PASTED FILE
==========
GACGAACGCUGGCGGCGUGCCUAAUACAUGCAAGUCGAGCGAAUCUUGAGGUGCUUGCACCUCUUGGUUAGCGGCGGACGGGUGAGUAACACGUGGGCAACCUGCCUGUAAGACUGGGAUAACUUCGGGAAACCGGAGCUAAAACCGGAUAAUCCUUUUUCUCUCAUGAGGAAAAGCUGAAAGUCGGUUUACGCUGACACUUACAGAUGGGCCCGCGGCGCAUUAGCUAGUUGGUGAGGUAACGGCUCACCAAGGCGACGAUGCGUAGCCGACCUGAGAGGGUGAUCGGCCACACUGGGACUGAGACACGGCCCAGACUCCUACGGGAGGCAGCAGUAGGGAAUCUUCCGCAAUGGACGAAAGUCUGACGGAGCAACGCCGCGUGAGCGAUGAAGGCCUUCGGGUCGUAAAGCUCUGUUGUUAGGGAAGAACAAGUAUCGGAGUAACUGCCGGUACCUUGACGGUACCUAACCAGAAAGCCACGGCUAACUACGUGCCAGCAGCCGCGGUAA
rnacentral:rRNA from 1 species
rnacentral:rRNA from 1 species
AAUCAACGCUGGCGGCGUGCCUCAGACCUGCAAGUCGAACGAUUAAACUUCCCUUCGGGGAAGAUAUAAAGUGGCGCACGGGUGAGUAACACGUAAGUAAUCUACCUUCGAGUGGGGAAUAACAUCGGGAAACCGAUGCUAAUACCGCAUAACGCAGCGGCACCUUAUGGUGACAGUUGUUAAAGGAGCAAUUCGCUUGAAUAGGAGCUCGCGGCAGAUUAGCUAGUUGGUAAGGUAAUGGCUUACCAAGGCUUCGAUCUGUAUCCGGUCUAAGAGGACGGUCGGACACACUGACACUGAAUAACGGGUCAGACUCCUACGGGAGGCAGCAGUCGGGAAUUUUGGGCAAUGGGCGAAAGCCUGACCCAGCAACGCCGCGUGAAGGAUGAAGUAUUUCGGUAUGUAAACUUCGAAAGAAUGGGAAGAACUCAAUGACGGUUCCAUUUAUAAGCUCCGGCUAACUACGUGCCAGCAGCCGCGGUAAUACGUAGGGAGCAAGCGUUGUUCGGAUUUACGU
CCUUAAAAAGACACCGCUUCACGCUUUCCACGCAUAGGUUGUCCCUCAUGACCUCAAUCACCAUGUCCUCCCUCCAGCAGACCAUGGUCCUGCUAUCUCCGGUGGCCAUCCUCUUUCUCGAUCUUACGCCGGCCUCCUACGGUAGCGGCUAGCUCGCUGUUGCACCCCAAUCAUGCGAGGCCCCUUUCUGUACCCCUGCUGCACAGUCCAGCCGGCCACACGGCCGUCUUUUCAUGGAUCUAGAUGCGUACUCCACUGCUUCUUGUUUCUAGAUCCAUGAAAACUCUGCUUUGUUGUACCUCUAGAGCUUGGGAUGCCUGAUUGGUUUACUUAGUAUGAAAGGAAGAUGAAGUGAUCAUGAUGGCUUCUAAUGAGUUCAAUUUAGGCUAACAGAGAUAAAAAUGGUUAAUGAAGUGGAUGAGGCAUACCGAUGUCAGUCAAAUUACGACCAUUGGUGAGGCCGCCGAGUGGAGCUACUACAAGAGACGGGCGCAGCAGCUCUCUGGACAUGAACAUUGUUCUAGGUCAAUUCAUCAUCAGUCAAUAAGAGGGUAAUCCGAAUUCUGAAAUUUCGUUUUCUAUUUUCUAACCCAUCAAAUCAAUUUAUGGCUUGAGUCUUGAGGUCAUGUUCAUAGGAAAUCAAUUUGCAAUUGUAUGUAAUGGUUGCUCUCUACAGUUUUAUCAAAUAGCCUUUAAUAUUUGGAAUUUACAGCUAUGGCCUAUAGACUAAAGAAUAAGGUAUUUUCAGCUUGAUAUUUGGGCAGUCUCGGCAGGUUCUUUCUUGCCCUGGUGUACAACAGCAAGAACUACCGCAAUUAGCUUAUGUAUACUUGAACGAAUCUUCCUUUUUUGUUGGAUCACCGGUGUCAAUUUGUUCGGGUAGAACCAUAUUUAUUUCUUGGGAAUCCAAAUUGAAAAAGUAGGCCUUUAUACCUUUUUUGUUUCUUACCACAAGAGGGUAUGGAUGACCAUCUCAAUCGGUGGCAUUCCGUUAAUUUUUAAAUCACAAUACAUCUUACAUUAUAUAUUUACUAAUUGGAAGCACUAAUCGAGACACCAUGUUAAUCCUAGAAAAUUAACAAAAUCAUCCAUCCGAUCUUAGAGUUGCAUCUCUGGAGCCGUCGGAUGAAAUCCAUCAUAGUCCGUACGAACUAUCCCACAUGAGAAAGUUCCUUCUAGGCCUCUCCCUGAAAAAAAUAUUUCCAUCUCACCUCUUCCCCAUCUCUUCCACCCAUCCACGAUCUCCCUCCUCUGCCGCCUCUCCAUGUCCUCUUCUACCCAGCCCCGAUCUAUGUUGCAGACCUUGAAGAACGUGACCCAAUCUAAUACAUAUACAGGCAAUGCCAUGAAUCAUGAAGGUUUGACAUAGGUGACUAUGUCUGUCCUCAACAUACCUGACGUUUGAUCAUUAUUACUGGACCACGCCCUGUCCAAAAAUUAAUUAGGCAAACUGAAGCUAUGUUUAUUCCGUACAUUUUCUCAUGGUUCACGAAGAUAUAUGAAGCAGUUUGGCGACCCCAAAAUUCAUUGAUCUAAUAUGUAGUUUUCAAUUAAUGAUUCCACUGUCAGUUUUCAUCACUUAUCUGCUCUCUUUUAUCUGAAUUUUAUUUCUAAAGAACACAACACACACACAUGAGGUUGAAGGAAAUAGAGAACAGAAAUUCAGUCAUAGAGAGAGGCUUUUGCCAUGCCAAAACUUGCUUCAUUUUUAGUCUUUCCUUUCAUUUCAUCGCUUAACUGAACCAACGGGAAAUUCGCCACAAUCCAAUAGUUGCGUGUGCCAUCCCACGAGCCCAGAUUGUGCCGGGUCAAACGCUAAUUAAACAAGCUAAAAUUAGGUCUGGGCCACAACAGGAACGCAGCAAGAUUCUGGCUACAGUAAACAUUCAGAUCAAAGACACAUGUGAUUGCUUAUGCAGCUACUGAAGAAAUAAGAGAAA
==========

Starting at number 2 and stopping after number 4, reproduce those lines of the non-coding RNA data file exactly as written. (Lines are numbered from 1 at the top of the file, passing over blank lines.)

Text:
rnacentral:rRNA from 1 species
rnacentral:rRNA from 1 species
AAUCAACGCUGGCGGCGUGCCUCAGACCUGCAAGUCGAACGAUUAAACUUCCCUUCGGGGAAGAUAUAAAGUGGCGCACGGGUGAGUAACACGUAAGUAAUCUACCUUCGAGUGGGGAAUAACAUCGGGAAACCGAUGCUAAUACCGCAUAACGCAGCGGCACCUUAUGGUGACAGUUGUUAAAGGAGCAAUUCGCUUGAAUAGGAGCUCGCGGCAGAUUAGCUAGUUGGUAAGGUAAUGGCUUACCAAGGCUUCGAUCUGUAUCCGGUCUAAGAGGACGGUCGGACACACUGACACUGAAUAACGGGUCAGACUCCUACGGGAGGCAGCAGUCGGGAAUUUUGGGCAAUGGGCGAAAGCCUGACCCAGCAACGCCGCGUGAAGGAUGAAGUAUUUCGGUAUGUAAACUUCGAAAGAAUGGGAAGAACUCAAUGACGGUUCCAUUUAUAAGCUCCGGCUAACUACGUGCCAGCAGCCGCGGUAAUACGUAGGGAGCAAGCGUUGUUCGGAUUUACGU